I think there is definitely something in this. I couldn’t begin to write a contemporary crime novel. For one thing, the science dominates to a degree that is not only bewildering for me, but also does not interest me that much. Also the idea of the classic detective who solves mysteries by the power of his intellect or his psychological insights just isn’t appropriate in that setting. Everything seems to be solved by DNA, or fibre samples, or the dust from some obscure seed pod only found in one area of the Arizona Desert. I’m not sure forensic investigators can do everything that they are represented as doing on CSI, and I certainly don’t believe they have those whizzy graphics on their computers. But people these days seem to think that they can do anything, and really, where’s the fun in that? I can’t imagine how you would structure a modern detective story. It’s all about waiting for the results from the lab. Once you have it, you go and arrest your man. As for the period and setting of my books, that really came from the idea. Everything started with this mad idea, to write a detective novel that had Porfiry Petrovich from Crime and Punishment as the protagonist. I was the victim of my ideas – and not for the first time.

Were you afraid of potential negative feedback at “borrowing” a classical character, Dostoevsky’s Porfiry Petrovich? What has been your actual experience/feedback so far?

Yes, I was. This was something that gave me a great deal of anxiety and there were a couple of reviews from purists who basically took the ‘how dare he?’ and ‘he’s no Dostoevsky’ approach. That was expected, so I was able to deal with it. The Kirkus review of Gentle Axe was particularly sniffy. But what worried me more was that it included a spoiler – I got very worked up about that! A South African journalist wrote an article accusing me of a version of identity theft, based on the fact that my acknowledgement to Dostoevsky came at the back of the book, rather than the front, so the reader didn’t know before hand that I had taken the character from someone else. They didn’t know that I had put the acknowledgements at the front in my manuscript and it had been moved to the back by the publisher. Anyhow, there were far more people who were positive about the whole thing, including many fans of Crime and Punishment. One reviewer said that Axe was a ‘worthy successor to one of the greatest novels ever written’, which thrilled me enormously, as you can imagine. Anyhow, I’m more relaxed about it now, and reviewers seem to be too. The Kirkus review for A Vengeful Longing must have been by a different person, because it was totally positive and even spoke highly of Gentle Axe, so it shows how subjective all these things are.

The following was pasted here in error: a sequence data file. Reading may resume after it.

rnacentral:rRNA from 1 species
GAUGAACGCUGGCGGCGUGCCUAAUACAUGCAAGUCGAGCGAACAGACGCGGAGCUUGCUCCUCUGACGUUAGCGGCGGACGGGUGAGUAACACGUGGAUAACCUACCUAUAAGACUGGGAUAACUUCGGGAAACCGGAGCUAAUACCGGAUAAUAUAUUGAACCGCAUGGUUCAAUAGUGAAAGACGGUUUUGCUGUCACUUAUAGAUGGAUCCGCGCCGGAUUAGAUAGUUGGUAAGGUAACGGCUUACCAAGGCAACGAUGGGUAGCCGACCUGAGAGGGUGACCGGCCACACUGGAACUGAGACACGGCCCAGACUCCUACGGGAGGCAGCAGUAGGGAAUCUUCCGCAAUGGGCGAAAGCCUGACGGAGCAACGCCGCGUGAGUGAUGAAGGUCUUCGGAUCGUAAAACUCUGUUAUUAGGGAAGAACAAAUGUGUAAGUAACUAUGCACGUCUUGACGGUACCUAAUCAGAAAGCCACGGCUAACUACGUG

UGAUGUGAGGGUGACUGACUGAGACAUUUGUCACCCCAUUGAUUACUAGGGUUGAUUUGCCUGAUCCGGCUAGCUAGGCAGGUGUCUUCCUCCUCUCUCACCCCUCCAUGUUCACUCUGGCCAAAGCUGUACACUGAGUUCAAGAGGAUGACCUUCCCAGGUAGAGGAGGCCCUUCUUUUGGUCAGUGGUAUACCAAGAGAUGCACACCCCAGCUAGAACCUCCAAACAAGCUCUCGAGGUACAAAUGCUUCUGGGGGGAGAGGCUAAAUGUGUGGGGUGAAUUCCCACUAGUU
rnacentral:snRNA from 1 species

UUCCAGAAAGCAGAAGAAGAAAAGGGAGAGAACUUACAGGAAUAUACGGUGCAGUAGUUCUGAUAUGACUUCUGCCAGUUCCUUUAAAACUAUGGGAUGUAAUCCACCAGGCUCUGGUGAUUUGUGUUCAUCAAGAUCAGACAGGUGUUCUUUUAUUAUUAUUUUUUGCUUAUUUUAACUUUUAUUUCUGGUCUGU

Did you deliberately bring in Virginsky as a role, like Lewis to Inspector Morse, or why is his character important to you and the novels?

Well, I’m not sure how deliberately I do anything as I usually write by my instincts, and if I do something like this I can only ever say I did it because I had the idea to do it and it felt right. In retrospect, it seems to work well, and it is definitely something readers have responded to favourably. It seems to allow Porfiry’s character to develop, because he has a foil to work against. I would also say that Virginsky does have some kind of role in the books in terms of dramatising some of the political and intellectual issues of the time. He represents the youthful generation, in opposition to Porfiry’s older generation. He’s young, idealistic, impatient – and yet I think he learns from Porfiry, and begrudgingly admires him. As the series develops, the tensions between the two men will come out more, but in A Vengeful Longing, he is very much in the junior role, learning from Porfiry, and questioning him too. The challenge of having this young man working with him keeps Porfiry on his toes, I think.

It often seems publishers want more of the same after an author is initially successful, but authors and readers may need something new. Some crime writers I enjoy wax and wane as time goes on with a single character - Cornwell’s Scarpetta springs to mind - whilst others continue to enthrall and support good plot lines but finally need to retire - Mankell’s Wallander or Rankin’s Rebus for example. What will become of Porfiry Petrovich - do you already have his career mapped out?

My initial plan was to write four Porfiry books, one for each season of the year – though they are not set in the same year. I’ve now written three – with the final edits just being sorted out for the third. If Faber want me to write the fourth, then I would love to do it. I have the storyline and I think it could be quite a good finale to the quartet. I really don’t know what will happen beyond that. I personally would like to write something different, maybe something nearly contemporary, though not quite. I might go as modern as the 1960s. I was born in 1960, so that would be interesting. I do have ideas for several stand-alone books.